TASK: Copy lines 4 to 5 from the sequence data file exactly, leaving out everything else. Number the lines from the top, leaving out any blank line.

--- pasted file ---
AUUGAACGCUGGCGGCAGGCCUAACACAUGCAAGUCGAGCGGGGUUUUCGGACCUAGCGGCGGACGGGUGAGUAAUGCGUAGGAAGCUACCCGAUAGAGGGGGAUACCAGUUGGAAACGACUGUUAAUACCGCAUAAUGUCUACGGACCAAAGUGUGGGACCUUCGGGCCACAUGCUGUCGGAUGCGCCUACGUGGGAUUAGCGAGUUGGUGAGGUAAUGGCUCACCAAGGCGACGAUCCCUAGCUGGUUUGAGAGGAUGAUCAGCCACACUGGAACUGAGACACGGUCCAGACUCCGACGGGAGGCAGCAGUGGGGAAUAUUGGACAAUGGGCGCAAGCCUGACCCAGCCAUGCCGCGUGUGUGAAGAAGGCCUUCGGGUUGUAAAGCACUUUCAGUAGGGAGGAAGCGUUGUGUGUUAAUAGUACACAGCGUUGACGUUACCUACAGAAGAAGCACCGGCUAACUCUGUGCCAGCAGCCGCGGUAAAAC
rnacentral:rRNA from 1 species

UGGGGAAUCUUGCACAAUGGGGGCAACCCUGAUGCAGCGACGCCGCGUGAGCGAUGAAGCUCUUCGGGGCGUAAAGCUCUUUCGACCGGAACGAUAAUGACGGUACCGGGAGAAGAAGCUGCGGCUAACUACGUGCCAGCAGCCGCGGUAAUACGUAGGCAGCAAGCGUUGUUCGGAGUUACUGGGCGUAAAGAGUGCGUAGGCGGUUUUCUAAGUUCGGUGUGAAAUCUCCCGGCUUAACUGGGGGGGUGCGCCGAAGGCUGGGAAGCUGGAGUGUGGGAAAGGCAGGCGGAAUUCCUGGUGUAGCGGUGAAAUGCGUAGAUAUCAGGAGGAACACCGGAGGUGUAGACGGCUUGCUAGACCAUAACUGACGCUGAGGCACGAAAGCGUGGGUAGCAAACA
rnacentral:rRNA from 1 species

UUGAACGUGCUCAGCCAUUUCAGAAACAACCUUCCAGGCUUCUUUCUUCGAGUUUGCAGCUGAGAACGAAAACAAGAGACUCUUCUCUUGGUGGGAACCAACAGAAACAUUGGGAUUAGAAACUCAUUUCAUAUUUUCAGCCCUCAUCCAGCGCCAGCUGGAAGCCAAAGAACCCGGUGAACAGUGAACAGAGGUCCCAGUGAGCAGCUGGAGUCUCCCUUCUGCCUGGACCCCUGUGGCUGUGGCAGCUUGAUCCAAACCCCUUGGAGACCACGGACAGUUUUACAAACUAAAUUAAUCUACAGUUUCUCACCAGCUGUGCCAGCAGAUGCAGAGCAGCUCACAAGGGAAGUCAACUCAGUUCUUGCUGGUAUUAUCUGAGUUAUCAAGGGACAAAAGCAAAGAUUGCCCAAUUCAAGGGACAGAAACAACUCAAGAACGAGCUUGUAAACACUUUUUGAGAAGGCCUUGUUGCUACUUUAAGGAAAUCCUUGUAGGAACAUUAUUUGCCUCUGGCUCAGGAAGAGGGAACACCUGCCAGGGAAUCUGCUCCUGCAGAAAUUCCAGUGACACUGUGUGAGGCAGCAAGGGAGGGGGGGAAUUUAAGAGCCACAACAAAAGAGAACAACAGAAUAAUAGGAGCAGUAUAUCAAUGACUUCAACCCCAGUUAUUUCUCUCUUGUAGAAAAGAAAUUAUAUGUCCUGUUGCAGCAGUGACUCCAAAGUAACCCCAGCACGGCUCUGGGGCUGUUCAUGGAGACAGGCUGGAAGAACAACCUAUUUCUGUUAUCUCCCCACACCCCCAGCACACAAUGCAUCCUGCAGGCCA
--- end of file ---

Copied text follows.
rnacentral:rRNA from 1 species

UUGAACGUGCUCAGCCAUUUCAGAAACAACCUUCCAGGCUUCUUUCUUCGAGUUUGCAGCUGAGAACGAAAACAAGAGACUCUUCUCUUGGUGGGAACCAACAGAAACAUUGGGAUUAGAAACUCAUUUCAUAUUUUCAGCCCUCAUCCAGCGCCAGCUGGAAGCCAAAGAACCCGGUGAACAGUGAACAGAGGUCCCAGUGAGCAGCUGGAGUCUCCCUUCUGCCUGGACCCCUGUGGCUGUGGCAGCUUGAUCCAAACCCCUUGGAGACCACGGACAGUUUUACAAACUAAAUUAAUCUACAGUUUCUCACCAGCUGUGCCAGCAGAUGCAGAGCAGCUCACAAGGGAAGUCAACUCAGUUCUUGCUGGUAUUAUCUGAGUUAUCAAGGGACAAAAGCAAAGAUUGCCCAAUUCAAGGGACAGAAACAACUCAAGAACGAGCUUGUAAACACUUUUUGAGAAGGCCUUGUUGCUACUUUAAGGAAAUCCUUGUAGGAACAUUAUUUGCCUCUGGCUCAGGAAGAGGGAACACCUGCCAGGGAAUCUGCUCCUGCAGAAAUUCCAGUGACACUGUGUGAGGCAGCAAGGGAGGGGGGGAAUUUAAGAGCCACAACAAAAGAGAACAACAGAAUAAUAGGAGCAGUAUAUCAAUGACUUCAACCCCAGUUAUUUCUCUCUUGUAGAAAAGAAAUUAUAUGUCCUGUUGCAGCAGUGACUCCAAAGUAACCCCAGCACGGCUCUGGGGCUGUUCAUGGAGACAGGCUGGAAGAACAACCUAUUUCUGUUAUCUCCCCACACCCCCAGCACACAAUGCAUCCUGCAGGCCA